Fact Check

Chipotle Exposed for Using Dog and Cat Meat in Food?

The FDA did not bust Chipotle for using dog and cat meat in their food. It's fake news.

Published Nov 19, 2014

Claim: The FDA busted Chipotle in the act of using cat and dog meat and is forcing the chain to close all locations.


Origins:   On 18 November 2014, the Huzlers web site published an article titled "Chipotle Exposed for Using Dog and Cat Meat in Food; Will Close Soon." According to that offering, the U.S. Food and Drug Administration (FDA) discovered dog and cat carcasses used by Chipotle Mexican Grill during a Denver factory inspection and ordered the factory shut down, with a closure of all Chipotle locations soon to follow:

The FDA suspected the chain was using dog and cat meat when an FDA inspector stumbled upon multiple live dogs and cat, as well as dog and cat corpses in one Chipotle factory located in Denver. The FDA will soon force all Chipotle restaurants in the U.S. to prevent people from consuming dog and cat meat.

But why would Chilotle use dog and cat meat? FDA official Charles Wellington says "It makes sense for Chipotle to use dog and cat meat simply because it is much cheaper and easier to find than cow meat, many people love Chipotle dishes and don't even know they're eating dogs and cats because it's psychological, which Chipotle is aware of. As soon as people find out, they will all of a sudden think "wait, the meat did taste kind of weird sometimes", it's all placebo".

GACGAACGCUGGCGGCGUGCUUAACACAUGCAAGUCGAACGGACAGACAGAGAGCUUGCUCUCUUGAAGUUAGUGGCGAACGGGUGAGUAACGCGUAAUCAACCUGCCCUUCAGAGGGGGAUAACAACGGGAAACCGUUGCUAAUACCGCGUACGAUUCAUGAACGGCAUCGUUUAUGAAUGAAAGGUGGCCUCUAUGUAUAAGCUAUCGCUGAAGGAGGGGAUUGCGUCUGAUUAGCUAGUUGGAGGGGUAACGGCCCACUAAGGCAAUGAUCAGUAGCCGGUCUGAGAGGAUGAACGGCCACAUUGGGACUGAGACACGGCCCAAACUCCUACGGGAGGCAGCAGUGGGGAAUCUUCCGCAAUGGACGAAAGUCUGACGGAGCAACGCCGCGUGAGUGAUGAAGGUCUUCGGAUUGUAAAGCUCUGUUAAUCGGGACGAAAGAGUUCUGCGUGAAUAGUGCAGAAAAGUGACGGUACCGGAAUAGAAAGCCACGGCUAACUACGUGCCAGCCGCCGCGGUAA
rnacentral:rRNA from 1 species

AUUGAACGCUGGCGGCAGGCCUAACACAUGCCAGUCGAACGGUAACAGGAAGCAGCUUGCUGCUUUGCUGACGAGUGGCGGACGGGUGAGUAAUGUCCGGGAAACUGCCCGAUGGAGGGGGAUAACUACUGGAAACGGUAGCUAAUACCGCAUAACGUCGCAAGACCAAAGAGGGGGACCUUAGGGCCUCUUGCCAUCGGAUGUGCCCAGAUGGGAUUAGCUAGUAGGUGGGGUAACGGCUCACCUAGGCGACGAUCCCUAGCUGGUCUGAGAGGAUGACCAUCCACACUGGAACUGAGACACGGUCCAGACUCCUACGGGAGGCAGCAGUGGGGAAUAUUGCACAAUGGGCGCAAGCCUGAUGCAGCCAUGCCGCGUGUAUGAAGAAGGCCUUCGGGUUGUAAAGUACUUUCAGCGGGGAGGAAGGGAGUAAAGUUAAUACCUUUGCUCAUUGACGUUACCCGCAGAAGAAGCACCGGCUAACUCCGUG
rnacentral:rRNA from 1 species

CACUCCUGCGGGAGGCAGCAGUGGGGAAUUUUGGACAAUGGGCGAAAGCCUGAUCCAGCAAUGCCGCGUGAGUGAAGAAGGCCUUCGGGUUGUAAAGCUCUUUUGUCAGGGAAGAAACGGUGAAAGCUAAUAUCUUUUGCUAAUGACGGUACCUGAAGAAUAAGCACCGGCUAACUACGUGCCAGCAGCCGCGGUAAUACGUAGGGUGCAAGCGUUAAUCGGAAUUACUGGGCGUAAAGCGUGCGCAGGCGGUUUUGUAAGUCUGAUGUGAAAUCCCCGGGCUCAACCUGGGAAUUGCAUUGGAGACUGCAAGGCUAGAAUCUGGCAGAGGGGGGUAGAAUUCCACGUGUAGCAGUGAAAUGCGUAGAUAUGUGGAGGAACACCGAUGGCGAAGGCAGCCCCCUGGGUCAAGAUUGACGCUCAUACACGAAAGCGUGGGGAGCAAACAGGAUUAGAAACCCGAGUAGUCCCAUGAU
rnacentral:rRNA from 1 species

The article's horrible formatting and nonsensical reasoning alone should be enough to tip off readers that Huzlers is one of several fake news sites that promotes fantastically fictional clickbait stories to attain traffic through social media shares. Previous Huzlers hoaxes included Justin Bieber's coming out as bisexual and claims that the 2014 Super Bowl was rigged. The Huzlers site displays a disclaimer on its pages noting "Huzlers.com is a combination of real shocking news and satire news to keep its visitors in a state of disbelief."

Last updated:   8 February 2016

David Mikkelson founded the site now known as snopes.com back in 1994.